Yes, other electromagnetic radiation can be focused, and routinely is. Basically, everything up to x-rays can be focused relatively easily. Once you get to energies so high that they go right thru most material, using these materials to focus such rays gets tricky or impossible. For example, I don't think we know of a way to focus gamma rays.
On a cosmic scale, gravity can be used to bend the path of radiation, which works for all wavelengths. It is currently beyond our capabilities to construct devices that do this in any meaningful way, but we can and have made use of the ones that occur naturally. Distant galaxies are sometimes used by astronomers as gravitational lenses to see more clearly things that are even more distant behind these galaxies.
For most electromagnetic radiation, there are two ways we can change its propagation path, refraction and reflection. For visible light, this is done with lenses and mirrors, respectively. Finding a structurally suitable material that is transparent at other wavelengths (like glass is at visible wavelengths) can be difficult, and most focusing of wavelengths far from the visible spectrum is usually done with reflection rather than refraction.
Examples of reflection used to focus non-visible radiation abound. Old UHF TV roof antennas were commonly corner reflectors. These has a series of rods that formed a V-shaped pocket pointed in the direction of the transmitter. The actually antenna was a split rod or sometimes a series of rods inside the V. Other antenna systems use unconnected conducting rods and other conducting objects to reflect the radiation to increase its flux at the actual receiving (or transmitting, antennas work equally both ways) element.
Large radar dishes or radio-telescopes are examples of extreme focusing of radiation, usually in the GHz range.
At long enough wavelengths, yet another method can be used to make a focused beam of radiation. This is done by controlling the phase of multiple emitters. As a simplistic example, consider two vertical radio antennas spaced 1/4 wavelength apart. Antenna A is fed with a signal that is 90° ahead of that to antenna B. Imagine a wavefront emitted from A. After 1/4 cycle it reaches B, which is now emitting the same signal. The two wavefronts emitted by A and B add, and the signal appears strong to someone receiving in the B direction. Now imaging a wavefront leaving B. When it gets to A, A is emitting 1/2 wavelength ahead, which is 180° out of phase. The two signals therefore cancel each other in the A direction.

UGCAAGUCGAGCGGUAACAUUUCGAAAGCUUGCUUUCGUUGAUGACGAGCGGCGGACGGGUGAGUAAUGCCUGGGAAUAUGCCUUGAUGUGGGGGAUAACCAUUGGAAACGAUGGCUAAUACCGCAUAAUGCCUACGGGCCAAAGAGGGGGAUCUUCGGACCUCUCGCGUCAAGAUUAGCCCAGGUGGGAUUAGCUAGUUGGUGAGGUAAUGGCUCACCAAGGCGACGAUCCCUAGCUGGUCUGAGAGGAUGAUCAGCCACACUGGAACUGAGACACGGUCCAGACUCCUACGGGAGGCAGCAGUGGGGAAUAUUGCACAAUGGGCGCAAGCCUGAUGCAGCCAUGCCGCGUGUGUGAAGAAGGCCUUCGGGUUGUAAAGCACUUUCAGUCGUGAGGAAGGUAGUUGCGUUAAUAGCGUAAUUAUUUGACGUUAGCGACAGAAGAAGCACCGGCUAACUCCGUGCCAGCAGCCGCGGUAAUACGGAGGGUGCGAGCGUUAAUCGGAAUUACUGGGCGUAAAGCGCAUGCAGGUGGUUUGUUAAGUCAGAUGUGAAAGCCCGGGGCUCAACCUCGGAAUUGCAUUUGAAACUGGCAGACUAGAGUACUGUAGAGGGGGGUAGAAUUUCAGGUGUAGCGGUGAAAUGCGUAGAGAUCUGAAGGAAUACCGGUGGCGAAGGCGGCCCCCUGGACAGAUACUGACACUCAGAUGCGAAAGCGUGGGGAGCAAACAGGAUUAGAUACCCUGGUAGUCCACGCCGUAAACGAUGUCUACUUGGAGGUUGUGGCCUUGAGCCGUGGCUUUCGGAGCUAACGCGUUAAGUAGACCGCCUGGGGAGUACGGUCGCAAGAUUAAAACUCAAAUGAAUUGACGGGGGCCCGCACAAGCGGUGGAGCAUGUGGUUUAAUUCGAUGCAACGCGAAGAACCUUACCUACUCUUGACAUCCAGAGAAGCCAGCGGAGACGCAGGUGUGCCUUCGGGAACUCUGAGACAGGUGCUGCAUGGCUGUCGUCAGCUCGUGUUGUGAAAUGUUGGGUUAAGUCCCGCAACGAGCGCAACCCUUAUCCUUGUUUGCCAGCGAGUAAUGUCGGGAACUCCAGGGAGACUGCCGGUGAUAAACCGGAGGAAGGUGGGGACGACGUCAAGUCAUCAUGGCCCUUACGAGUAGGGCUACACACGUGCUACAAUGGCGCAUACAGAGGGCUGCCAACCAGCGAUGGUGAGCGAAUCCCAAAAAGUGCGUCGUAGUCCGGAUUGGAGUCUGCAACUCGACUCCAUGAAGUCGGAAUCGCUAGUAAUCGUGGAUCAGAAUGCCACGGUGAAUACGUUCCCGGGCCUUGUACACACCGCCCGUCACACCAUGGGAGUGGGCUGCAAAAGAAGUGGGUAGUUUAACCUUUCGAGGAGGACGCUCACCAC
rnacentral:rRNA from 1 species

This basic principle, called a phased array, can be applied to a large number of individual transmitters (or receivers, works both ways). With lots of individual elements in the phased array, a very narrow beam can be emitted (or again, the overall antenna can listen in a narrow direction). A great example of this is the Aegis radar system originally deployed on the Arleigh Burke class of destroyers. The large hexagonal patches on the front and sides are actually arrays of many small radar antennas, with the phase shift of each being controllable dynamically. This means the beam can be re-directed very quickly electronically without requiring a mechanical sweep of a physical antenna.
This principle can also be used to steer a reflected or transmitted beam. At optical wavelengths, this is usually called a diffraction grating. A series of parallel scratches separated by a fraction of a wavelength is etched onto a mirror. At the right combination of wavelength and reflection angle, the reflections from each of the peaks are either in phase and therefore add, or are out of phase and cancel each other. Since the angle they are in phase at is a function of wavelength, such diffraction gratings can be used to separate light by its wavelength.
These parallel scratches can also be applied to the surface of transparent objects. When you look thru one at a thin vertical slit of white light aligned with the scratches, you see it spread out horizontally into its component colors. Some spectrometers work on this principle. I have heard of one effort to use this effect to focus x-rays.